Wed May 9, 2012, 08:35 PM
Pirate Smile (27,605 posts)
"Obama's legal, policy and personal views are not in any way contradictory and present a clear path
forward toward the advancement of marriage equality across the country."
An explanation for why that Gawker piece is WRONG.
News Analysis: Obama's Marriage Equality Support Is Not the Half-Loaf Some Are Claiming
Posted by Chris Geidner |
May 9, 2012 7:05 PM | Permalink
Much is being made -- from Gawker to Mother Jones -- of President Obama's statement today that he believes marriage is a state issue.
Specifically, both pieces point to the line in the ABC News article about the interview: "The president stressed that this is a personal position, and that he still supports the concept of states deciding the issue on their own."
As happened this past June when Obama spoke about marriage in New York, his comments tend to be read outside of the context of other actions being taken by the administration.
The context, however, turns the critical analysis on its head.
On Feb. 23, 2011, the Obama administration -- through a letter written by Attorney General Eric Holder -- announced that Obama and Holder had reached a decision that Section 3 of the Defense of Marriage Act was unconstitutional.
It is here where Obama's enunciated policy position -- today and this past June -- crosses the path of the legal pursuits of the administration.
If the administration were still defending DOMA and had taken no position on the level of scrutiny to be applied to sexual orientation classifications, then Obama's statement might mean that his view is that states have unfettered rights to legislate as they they wish on marriage.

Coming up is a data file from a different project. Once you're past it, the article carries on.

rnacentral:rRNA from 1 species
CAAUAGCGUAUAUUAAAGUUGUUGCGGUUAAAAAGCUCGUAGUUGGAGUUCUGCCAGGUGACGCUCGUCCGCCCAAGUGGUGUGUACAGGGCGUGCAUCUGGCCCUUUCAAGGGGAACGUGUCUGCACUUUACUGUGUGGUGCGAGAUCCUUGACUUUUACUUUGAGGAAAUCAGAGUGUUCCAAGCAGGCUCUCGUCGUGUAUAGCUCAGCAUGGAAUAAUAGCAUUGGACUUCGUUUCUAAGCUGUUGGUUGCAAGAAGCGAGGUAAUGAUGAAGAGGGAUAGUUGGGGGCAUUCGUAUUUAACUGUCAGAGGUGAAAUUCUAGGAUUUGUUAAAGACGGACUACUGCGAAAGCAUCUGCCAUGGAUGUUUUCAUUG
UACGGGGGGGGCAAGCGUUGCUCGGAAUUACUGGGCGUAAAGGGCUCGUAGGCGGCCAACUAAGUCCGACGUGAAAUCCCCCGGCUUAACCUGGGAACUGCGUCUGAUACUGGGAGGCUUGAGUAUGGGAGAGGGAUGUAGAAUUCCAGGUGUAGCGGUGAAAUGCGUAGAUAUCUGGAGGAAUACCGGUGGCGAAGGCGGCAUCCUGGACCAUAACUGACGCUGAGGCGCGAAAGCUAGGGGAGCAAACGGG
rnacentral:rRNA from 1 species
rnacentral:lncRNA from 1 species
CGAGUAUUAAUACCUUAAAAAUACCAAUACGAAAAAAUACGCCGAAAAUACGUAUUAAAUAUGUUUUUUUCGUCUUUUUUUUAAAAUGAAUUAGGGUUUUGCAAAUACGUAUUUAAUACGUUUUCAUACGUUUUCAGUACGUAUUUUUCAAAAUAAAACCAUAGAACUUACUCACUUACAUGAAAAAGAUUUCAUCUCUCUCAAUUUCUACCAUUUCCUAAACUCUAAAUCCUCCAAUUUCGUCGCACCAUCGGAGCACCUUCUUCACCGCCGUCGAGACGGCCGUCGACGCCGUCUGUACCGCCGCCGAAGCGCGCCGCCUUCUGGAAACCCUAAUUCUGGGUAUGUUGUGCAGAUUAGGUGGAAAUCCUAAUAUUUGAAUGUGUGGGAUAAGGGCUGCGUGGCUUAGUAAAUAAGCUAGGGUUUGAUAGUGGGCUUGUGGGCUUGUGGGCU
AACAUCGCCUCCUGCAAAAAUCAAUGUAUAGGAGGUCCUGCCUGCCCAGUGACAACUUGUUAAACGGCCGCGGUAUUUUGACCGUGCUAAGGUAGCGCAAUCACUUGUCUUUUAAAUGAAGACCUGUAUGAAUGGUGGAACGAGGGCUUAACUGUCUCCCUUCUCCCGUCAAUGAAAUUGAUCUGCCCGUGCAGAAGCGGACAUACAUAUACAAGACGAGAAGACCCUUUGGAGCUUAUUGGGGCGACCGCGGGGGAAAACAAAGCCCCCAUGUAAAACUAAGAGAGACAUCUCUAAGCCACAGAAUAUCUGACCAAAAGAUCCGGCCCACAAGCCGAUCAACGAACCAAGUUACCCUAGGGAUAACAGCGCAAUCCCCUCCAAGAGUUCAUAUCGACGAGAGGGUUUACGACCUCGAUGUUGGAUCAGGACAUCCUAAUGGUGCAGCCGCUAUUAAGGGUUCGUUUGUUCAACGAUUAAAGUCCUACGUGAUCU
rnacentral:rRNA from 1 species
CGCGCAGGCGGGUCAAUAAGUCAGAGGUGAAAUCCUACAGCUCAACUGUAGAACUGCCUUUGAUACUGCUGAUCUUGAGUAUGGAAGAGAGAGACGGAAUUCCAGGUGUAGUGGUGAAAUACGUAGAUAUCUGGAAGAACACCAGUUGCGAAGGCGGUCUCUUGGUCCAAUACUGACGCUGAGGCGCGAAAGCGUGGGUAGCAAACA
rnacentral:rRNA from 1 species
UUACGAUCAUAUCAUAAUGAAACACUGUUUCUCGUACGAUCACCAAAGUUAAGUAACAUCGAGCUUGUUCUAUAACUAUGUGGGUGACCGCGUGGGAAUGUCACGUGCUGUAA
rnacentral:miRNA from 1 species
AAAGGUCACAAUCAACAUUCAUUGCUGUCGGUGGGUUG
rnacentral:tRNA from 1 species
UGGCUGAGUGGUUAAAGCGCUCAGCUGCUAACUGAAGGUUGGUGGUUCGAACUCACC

But, that is not the circumstances in which he makes these comments. Instead, Obama's position now is three-fold: (1) he personally supports same-sex marriage; (2) he believes as a policy matter that state, and not federal, law should define marriages, as it always has been in this country; and (3) he believes that there are federal constitutional limitations on those state decisions.
As the lawyers then wrote, "The conclusion of the United States that heightened scrutiny applies to classifications based on sexual orientation is unquestionably correct. Proposition 8 cannot survive the requirements of heightened scrutiny because its invidious discrimination against gay men and lesbians could not conceivably further an important government interest."
As that brief -- filed by Ted Olson, David Boies and the other lawyers representing those plaintiffs -- makes clear, Obama's legal, policy and personal views are not in any way contradictory and present a clear path forward toward the advancement of marriage equality across the country.
Cross posted from GD by request.
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"Obama's legal, policy and personal views are not in any way contradictory and present a clear path (Original post)
|Pirate Smile||May 2012||OP|
Response to Pirate Smile (Original post)
Wed May 9, 2012, 08:44 PM
zbdent (35,392 posts)
1. Romney's still trying to figure out his position on his position ...
Ask him if he's sitting or standing ... he'd probably crouch and hem and haw ...